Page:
In subsequent chapters, Yapa introduces six more narrators. Two are activists, three are cops, and one is the Sri Lankan delegate to the WTO. This should work beautifully—what better way to showcase the protests’ complexities and contradictions than to describe key issues from multiple vantage points across both sides? But hold on.
First we meet John Henry, a holier-than-thou career activist, “a man you could imagine in a dream of the Himalaya, high above the clouds.” (Actually, he’s from Detroit.) Once he was a storefront preacher; now he leads “a congregation in the streets” and spends a lot of time yammering about the beauty of struggle and how much he loves his people. John Henry’s girlfriend—a skinny, dreadlocked white woman named King—is another experienced dissident, “trained in the tactics, techniques, and philosophy of nonviolence.” Deep down, of course, she’s someone entirely different—a woman with a dark (but easy to guess) criminal secret, a violent temper, and a dangerous tendency toward rage.
The novel falls apart. Yapa’s writing turns mushy and sentimental, riddled with rhetorical questions. Everyone waxes moony and philosophical, and all the characters sound exactly the same.
Julia and Park report to Bill Bishop, chief of police, by all accounts a hell of a guy. A 30-year veteran of the force, Bishop favors community policing, opposes departmental racism, and cheerfully marches—though he’s straight—in Seattle’s Gay Pride parade. Naturally, he’s a secret sufferer, too. Ever since his beloved wife died and his troubled teenage stepson ran away, Yapa tells us, Bishop has had “a heart full of loss and a head full of doom.”
Yapa’s policemen and protestors lack Victor’s spark; they’re drab stereotypes with utterly predictable inner conflicts, artlessly deployed at intervals throughout the novel’s increasingly hackneyed plot. First Park, tipped off by the un-groovy boomers, confiscates Victor’s drug stash; then King and John Henry show up to save Victor from the Man. In a trice, formerly apolitical Victor morphs into a burgeoning activist. (He learned about the power of the people, it seems, by reading his beloved dead mother’s books.) When his new best friends need one more body for “lockdown,” Victor eagerly volunteers; after being chained to fellow protestors, he looks up to see a familiar uniformed man. Guess which police chief turns out to be his estranged stepfather?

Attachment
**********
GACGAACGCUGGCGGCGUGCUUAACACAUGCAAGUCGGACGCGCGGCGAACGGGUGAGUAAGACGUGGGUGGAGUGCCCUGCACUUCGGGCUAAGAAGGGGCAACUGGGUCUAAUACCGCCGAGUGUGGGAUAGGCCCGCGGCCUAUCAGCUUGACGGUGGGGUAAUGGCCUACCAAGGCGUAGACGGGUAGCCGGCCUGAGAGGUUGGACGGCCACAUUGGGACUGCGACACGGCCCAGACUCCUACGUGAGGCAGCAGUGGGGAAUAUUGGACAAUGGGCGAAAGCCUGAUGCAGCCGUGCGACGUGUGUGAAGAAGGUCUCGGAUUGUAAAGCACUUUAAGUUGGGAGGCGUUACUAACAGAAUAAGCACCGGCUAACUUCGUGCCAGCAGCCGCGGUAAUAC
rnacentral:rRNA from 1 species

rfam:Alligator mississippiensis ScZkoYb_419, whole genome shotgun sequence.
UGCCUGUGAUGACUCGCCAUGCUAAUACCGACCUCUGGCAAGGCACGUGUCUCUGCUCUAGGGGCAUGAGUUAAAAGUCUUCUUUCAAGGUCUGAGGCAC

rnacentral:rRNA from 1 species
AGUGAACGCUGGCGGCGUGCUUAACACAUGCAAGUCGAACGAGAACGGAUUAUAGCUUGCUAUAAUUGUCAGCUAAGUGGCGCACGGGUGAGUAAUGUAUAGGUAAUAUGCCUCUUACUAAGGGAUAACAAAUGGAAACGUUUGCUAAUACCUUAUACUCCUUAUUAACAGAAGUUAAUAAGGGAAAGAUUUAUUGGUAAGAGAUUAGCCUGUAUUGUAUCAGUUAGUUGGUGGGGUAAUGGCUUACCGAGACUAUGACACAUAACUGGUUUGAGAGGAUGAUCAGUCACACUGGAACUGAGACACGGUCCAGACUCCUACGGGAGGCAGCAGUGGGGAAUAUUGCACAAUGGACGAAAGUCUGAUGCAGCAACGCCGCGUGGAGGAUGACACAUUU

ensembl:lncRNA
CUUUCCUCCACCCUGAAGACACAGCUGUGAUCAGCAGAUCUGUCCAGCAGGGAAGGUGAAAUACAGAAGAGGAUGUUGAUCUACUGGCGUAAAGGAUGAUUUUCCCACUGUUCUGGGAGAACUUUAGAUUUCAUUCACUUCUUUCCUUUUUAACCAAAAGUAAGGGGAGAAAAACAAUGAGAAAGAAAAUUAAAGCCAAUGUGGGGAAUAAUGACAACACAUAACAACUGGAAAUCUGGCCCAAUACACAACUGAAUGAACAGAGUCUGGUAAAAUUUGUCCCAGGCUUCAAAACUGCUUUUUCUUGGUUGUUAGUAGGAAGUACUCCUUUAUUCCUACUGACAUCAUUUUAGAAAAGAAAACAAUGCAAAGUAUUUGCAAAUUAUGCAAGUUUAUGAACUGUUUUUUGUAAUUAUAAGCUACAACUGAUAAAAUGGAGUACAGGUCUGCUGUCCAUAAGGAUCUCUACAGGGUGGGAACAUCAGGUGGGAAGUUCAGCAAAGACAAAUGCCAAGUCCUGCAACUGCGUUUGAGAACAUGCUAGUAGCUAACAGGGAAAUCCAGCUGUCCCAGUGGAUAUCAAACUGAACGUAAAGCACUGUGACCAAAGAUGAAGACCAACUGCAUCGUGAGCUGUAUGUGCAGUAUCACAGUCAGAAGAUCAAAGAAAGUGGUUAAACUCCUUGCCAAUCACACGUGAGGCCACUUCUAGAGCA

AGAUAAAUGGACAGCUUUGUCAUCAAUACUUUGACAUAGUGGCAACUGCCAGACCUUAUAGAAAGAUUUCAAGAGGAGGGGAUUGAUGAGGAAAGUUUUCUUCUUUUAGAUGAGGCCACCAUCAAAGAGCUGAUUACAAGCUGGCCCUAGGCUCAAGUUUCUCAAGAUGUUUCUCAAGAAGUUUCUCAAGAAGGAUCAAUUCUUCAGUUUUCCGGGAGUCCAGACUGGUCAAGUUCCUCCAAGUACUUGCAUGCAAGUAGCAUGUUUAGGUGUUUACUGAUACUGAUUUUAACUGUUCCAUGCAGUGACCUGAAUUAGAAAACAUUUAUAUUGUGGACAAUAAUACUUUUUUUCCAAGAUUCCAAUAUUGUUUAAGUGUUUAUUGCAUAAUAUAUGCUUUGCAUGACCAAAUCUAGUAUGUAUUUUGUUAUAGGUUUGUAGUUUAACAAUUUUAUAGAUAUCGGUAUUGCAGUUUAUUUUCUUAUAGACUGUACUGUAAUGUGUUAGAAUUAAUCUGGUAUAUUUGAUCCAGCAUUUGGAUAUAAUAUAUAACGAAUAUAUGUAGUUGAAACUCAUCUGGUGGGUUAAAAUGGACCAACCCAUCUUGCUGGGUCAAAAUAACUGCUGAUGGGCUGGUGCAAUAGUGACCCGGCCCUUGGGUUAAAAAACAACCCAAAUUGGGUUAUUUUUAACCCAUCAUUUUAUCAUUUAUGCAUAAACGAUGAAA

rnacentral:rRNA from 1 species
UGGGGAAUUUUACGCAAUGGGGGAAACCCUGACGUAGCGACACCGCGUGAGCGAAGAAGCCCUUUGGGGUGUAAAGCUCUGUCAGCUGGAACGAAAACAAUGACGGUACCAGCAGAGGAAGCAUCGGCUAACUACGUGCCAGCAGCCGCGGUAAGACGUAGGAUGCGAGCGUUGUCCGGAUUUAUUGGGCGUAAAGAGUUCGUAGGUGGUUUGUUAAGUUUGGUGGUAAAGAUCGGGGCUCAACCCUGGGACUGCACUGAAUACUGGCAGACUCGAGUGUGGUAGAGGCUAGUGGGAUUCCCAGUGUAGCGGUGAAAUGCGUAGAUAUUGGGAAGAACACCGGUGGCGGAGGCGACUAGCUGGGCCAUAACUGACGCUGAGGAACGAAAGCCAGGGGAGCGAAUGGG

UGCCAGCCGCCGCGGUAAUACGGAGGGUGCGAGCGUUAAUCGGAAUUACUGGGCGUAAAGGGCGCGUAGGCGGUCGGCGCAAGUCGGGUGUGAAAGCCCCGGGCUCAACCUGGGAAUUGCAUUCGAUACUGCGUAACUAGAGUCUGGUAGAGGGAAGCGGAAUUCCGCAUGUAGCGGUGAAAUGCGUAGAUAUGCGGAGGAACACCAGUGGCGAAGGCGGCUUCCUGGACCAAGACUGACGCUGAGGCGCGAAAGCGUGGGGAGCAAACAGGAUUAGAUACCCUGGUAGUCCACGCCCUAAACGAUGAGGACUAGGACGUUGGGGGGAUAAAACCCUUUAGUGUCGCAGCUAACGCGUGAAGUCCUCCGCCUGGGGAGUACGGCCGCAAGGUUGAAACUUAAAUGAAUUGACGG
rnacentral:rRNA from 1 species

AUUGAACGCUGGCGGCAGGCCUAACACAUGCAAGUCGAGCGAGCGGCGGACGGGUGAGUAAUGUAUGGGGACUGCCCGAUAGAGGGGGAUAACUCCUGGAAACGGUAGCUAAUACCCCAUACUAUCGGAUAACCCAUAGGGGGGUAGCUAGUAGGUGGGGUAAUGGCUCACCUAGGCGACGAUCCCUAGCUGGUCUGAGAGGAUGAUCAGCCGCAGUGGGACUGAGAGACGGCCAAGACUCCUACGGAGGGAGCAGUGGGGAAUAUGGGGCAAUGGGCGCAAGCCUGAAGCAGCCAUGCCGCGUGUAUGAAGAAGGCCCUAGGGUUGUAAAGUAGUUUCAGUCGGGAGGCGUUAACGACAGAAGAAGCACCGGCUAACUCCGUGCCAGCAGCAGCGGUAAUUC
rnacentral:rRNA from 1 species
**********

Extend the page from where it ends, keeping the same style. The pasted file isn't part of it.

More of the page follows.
As these and other coincidences pile up, the novel falls apart. Yapa’s writing turns mushy and sentimental, riddled with rhetorical questions (“Was there not a single word he could say that had not been emptied of value?”) and bogged down in treacly cliché. “Son, how easily an open heart can be poisoned, how quickly love becomes the seeds of rage. Life wrecks the living.” That’s Victor, channeling Chief Bishop, though it’s often hard to sort out whose perspective the narrative is mired in. Everyone waxes moony and philosophical, and all the characters sound exactly the same.
Symbolic details are invariably overdetermined and overdone. Victor’s Air Jordans, for instance, stand for sweatshop labor, late-stage American capitalism, misplaced materialism, greediness, parental indulgence, and, finally, for fatherly love. We hear so much about fear and loss and loneliness and tears that we grow immune to their significance. Which is frustrating, since Yapa writes beautifully when he wants to. An extended digression describing the Sri Lankan civil war is vivid and convincing, and there are plenty of small moments (as when Yapa describes feuding protestors “yelling philosophies in each other’s faces”) that come across as perfectly apt. Taken together, these sections aren’t quite enough to save Your Heart Is a Muscle the Size of a Fist. But they certainly leave the reader curious about Yapa’s next novel.